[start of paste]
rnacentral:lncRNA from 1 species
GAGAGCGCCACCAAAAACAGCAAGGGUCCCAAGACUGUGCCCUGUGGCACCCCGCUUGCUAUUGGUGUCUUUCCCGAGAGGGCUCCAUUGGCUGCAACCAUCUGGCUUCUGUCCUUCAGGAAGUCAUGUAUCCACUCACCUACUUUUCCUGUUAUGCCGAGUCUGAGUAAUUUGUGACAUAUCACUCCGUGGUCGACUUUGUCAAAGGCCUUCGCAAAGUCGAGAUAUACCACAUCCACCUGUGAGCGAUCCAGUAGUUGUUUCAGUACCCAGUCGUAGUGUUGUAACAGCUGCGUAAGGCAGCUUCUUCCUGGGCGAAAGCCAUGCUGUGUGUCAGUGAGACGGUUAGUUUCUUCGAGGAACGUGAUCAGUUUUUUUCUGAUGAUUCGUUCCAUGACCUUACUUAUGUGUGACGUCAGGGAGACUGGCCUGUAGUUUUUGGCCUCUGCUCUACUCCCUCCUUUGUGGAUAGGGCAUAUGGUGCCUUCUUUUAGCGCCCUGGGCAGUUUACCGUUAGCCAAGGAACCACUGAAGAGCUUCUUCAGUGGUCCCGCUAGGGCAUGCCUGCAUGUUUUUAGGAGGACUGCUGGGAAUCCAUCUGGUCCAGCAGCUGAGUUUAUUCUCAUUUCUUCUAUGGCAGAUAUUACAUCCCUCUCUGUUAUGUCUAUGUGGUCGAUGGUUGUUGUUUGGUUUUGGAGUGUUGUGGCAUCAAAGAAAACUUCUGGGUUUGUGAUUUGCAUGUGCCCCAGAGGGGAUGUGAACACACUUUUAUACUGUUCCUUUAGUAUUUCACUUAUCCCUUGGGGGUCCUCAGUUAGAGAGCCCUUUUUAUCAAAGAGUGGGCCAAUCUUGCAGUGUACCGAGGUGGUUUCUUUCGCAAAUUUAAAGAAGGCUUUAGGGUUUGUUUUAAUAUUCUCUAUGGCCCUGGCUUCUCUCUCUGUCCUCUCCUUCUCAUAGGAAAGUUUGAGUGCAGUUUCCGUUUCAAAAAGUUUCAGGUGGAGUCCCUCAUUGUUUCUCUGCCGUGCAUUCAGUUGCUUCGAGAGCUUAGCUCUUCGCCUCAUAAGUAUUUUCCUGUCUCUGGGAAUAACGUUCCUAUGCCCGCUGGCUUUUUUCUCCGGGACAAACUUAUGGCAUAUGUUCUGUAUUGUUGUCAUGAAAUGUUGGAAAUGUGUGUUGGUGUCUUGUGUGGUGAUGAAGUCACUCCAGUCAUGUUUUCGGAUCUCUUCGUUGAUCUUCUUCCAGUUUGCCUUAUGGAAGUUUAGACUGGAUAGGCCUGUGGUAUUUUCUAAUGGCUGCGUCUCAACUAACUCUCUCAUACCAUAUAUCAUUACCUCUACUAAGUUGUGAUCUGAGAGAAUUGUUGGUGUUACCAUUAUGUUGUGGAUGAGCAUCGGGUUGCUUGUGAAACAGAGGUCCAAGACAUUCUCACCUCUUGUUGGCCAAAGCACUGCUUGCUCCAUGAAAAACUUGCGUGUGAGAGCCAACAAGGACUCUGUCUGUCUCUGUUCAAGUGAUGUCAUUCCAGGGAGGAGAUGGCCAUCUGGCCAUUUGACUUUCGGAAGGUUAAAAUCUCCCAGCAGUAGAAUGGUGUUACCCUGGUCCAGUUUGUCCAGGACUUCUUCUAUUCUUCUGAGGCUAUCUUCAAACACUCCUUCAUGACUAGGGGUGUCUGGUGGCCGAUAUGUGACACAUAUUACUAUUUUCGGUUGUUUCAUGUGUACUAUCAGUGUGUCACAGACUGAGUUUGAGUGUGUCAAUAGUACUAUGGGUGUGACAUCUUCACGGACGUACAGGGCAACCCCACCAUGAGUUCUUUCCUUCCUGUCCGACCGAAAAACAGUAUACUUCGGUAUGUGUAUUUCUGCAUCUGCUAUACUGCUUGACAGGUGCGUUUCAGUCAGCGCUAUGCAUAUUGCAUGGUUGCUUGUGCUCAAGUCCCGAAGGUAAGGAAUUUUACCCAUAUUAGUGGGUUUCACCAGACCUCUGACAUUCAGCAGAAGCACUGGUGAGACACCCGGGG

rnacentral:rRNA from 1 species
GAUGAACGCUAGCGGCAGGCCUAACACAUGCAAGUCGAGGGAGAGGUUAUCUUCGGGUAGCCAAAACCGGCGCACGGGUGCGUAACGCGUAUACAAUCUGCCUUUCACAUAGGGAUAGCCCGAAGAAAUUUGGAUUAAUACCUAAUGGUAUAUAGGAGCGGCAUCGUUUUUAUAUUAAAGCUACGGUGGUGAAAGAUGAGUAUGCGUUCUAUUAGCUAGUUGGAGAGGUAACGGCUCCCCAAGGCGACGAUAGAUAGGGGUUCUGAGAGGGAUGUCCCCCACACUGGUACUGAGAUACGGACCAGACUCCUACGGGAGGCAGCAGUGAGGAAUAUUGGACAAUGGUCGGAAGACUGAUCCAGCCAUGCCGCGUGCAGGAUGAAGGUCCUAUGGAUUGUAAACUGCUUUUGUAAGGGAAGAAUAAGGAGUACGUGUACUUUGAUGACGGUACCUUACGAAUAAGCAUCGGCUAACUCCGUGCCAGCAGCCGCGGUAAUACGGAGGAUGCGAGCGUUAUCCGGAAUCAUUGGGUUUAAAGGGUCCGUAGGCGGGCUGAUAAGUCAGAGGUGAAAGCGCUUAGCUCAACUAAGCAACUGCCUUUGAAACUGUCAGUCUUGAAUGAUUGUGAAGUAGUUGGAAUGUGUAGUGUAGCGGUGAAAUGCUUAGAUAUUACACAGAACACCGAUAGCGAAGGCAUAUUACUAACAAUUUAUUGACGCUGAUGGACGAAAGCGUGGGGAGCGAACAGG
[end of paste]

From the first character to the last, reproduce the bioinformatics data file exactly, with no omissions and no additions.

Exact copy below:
rnacentral:lncRNA from 1 species
GAGAGCGCCACCAAAAACAGCAAGGGUCCCAAGACUGUGCCCUGUGGCACCCCGCUUGCUAUUGGUGUCUUUCCCGAGAGGGCUCCAUUGGCUGCAACCAUCUGGCUUCUGUCCUUCAGGAAGUCAUGUAUCCACUCACCUACUUUUCCUGUUAUGCCGAGUCUGAGUAAUUUGUGACAUAUCACUCCGUGGUCGACUUUGUCAAAGGCCUUCGCAAAGUCGAGAUAUACCACAUCCACCUGUGAGCGAUCCAGUAGUUGUUUCAGUACCCAGUCGUAGUGUUGUAACAGCUGCGUAAGGCAGCUUCUUCCUGGGCGAAAGCCAUGCUGUGUGUCAGUGAGACGGUUAGUUUCUUCGAGGAACGUGAUCAGUUUUUUUCUGAUGAUUCGUUCCAUGACCUUACUUAUGUGUGACGUCAGGGAGACUGGCCUGUAGUUUUUGGCCUCUGCUCUACUCCCUCCUUUGUGGAUAGGGCAUAUGGUGCCUUCUUUUAGCGCCCUGGGCAGUUUACCGUUAGCCAAGGAACCACUGAAGAGCUUCUUCAGUGGUCCCGCUAGGGCAUGCCUGCAUGUUUUUAGGAGGACUGCUGGGAAUCCAUCUGGUCCAGCAGCUGAGUUUAUUCUCAUUUCUUCUAUGGCAGAUAUUACAUCCCUCUCUGUUAUGUCUAUGUGGUCGAUGGUUGUUGUUUGGUUUUGGAGUGUUGUGGCAUCAAAGAAAACUUCUGGGUUUGUGAUUUGCAUGUGCCCCAGAGGGGAUGUGAACACACUUUUAUACUGUUCCUUUAGUAUUUCACUUAUCCCUUGGGGGUCCUCAGUUAGAGAGCCCUUUUUAUCAAAGAGUGGGCCAAUCUUGCAGUGUACCGAGGUGGUUUCUUUCGCAAAUUUAAAGAAGGCUUUAGGGUUUGUUUUAAUAUUCUCUAUGGCCCUGGCUUCUCUCUCUGUCCUCUCCUUCUCAUAGGAAAGUUUGAGUGCAGUUUCCGUUUCAAAAAGUUUCAGGUGGAGUCCCUCAUUGUUUCUCUGCCGUGCAUUCAGUUGCUUCGAGAGCUUAGCUCUUCGCCUCAUAAGUAUUUUCCUGUCUCUGGGAAUAACGUUCCUAUGCCCGCUGGCUUUUUUCUCCGGGACAAACUUAUGGCAUAUGUUCUGUAUUGUUGUCAUGAAAUGUUGGAAAUGUGUGUUGGUGUCUUGUGUGGUGAUGAAGUCACUCCAGUCAUGUUUUCGGAUCUCUUCGUUGAUCUUCUUCCAGUUUGCCUUAUGGAAGUUUAGACUGGAUAGGCCUGUGGUAUUUUCUAAUGGCUGCGUCUCAACUAACUCUCUCAUACCAUAUAUCAUUACCUCUACUAAGUUGUGAUCUGAGAGAAUUGUUGGUGUUACCAUUAUGUUGUGGAUGAGCAUCGGGUUGCUUGUGAAACAGAGGUCCAAGACAUUCUCACCUCUUGUUGGCCAAAGCACUGCUUGCUCCAUGAAAAACUUGCGUGUGAGAGCCAACAAGGACUCUGUCUGUCUCUGUUCAAGUGAUGUCAUUCCAGGGAGGAGAUGGCCAUCUGGCCAUUUGACUUUCGGAAGGUUAAAAUCUCCCAGCAGUAGAAUGGUGUUACCCUGGUCCAGUUUGUCCAGGACUUCUUCUAUUCUUCUGAGGCUAUCUUCAAACACUCCUUCAUGACUAGGGGUGUCUGGUGGCCGAUAUGUGACACAUAUUACUAUUUUCGGUUGUUUCAUGUGUACUAUCAGUGUGUCACAGACUGAGUUUGAGUGUGUCAAUAGUACUAUGGGUGUGACAUCUUCACGGACGUACAGGGCAACCCCACCAUGAGUUCUUUCCUUCCUGUCCGACCGAAAAACAGUAUACUUCGGUAUGUGUAUUUCUGCAUCUGCUAUACUGCUUGACAGGUGCGUUUCAGUCAGCGCUAUGCAUAUUGCAUGGUUGCUUGUGCUCAAGUCCCGAAGGUAAGGAAUUUUACCCAUAUUAGUGGGUUUCACCAGACCUCUGACAUUCAGCAGAAGCACUGGUGAGACACCCGGGG

rnacentral:rRNA from 1 species
GAUGAACGCUAGCGGCAGGCCUAACACAUGCAAGUCGAGGGAGAGGUUAUCUUCGGGUAGCCAAAACCGGCGCACGGGUGCGUAACGCGUAUACAAUCUGCCUUUCACAUAGGGAUAGCCCGAAGAAAUUUGGAUUAAUACCUAAUGGUAUAUAGGAGCGGCAUCGUUUUUAUAUUAAAGCUACGGUGGUGAAAGAUGAGUAUGCGUUCUAUUAGCUAGUUGGAGAGGUAACGGCUCCCCAAGGCGACGAUAGAUAGGGGUUCUGAGAGGGAUGUCCCCCACACUGGUACUGAGAUACGGACCAGACUCCUACGGGAGGCAGCAGUGAGGAAUAUUGGACAAUGGUCGGAAGACUGAUCCAGCCAUGCCGCGUGCAGGAUGAAGGUCCUAUGGAUUGUAAACUGCUUUUGUAAGGGAAGAAUAAGGAGUACGUGUACUUUGAUGACGGUACCUUACGAAUAAGCAUCGGCUAACUCCGUGCCAGCAGCCGCGGUAAUACGGAGGAUGCGAGCGUUAUCCGGAAUCAUUGGGUUUAAAGGGUCCGUAGGCGGGCUGAUAAGUCAGAGGUGAAAGCGCUUAGCUCAACUAAGCAACUGCCUUUGAAACUGUCAGUCUUGAAUGAUUGUGAAGUAGUUGGAAUGUGUAGUGUAGCGGUGAAAUGCUUAGAUAUUACACAGAACACCGAUAGCGAAGGCAUAUUACUAACAAUUUAUUGACGCUGAUGGACGAAAGCGUGGGGAGCGAACAGG